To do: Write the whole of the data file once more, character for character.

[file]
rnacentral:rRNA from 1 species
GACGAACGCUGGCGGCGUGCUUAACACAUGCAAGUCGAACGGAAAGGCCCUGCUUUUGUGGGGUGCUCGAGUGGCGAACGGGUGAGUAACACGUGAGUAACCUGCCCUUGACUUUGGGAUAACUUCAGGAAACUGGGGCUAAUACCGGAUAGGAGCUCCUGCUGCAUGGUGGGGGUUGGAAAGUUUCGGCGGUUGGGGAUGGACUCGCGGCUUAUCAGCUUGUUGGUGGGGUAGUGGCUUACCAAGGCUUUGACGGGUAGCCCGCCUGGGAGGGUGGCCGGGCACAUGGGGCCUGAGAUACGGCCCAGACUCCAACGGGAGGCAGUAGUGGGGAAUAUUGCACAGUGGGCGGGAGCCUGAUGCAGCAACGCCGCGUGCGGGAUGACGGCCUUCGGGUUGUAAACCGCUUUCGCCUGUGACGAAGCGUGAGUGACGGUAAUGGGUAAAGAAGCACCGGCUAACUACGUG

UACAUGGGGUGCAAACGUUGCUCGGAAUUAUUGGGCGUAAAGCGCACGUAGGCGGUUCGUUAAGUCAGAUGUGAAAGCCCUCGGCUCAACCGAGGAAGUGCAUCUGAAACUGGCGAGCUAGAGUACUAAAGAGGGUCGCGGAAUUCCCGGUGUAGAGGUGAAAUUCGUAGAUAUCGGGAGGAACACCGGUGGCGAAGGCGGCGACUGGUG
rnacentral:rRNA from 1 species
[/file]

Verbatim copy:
rnacentral:rRNA from 1 species
GACGAACGCUGGCGGCGUGCUUAACACAUGCAAGUCGAACGGAAAGGCCCUGCUUUUGUGGGGUGCUCGAGUGGCGAACGGGUGAGUAACACGUGAGUAACCUGCCCUUGACUUUGGGAUAACUUCAGGAAACUGGGGCUAAUACCGGAUAGGAGCUCCUGCUGCAUGGUGGGGGUUGGAAAGUUUCGGCGGUUGGGGAUGGACUCGCGGCUUAUCAGCUUGUUGGUGGGGUAGUGGCUUACCAAGGCUUUGACGGGUAGCCCGCCUGGGAGGGUGGCCGGGCACAUGGGGCCUGAGAUACGGCCCAGACUCCAACGGGAGGCAGUAGUGGGGAAUAUUGCACAGUGGGCGGGAGCCUGAUGCAGCAACGCCGCGUGCGGGAUGACGGCCUUCGGGUUGUAAACCGCUUUCGCCUGUGACGAAGCGUGAGUGACGGUAAUGGGUAAAGAAGCACCGGCUAACUACGUG

UACAUGGGGUGCAAACGUUGCUCGGAAUUAUUGGGCGUAAAGCGCACGUAGGCGGUUCGUUAAGUCAGAUGUGAAAGCCCUCGGCUCAACCGAGGAAGUGCAUCUGAAACUGGCGAGCUAGAGUACUAAAGAGGGUCGCGGAAUUCCCGGUGUAGAGGUGAAAUUCGUAGAUAUCGGGAGGAACACCGGUGGCGAAGGCGGCGACUGGUG
rnacentral:rRNA from 1 species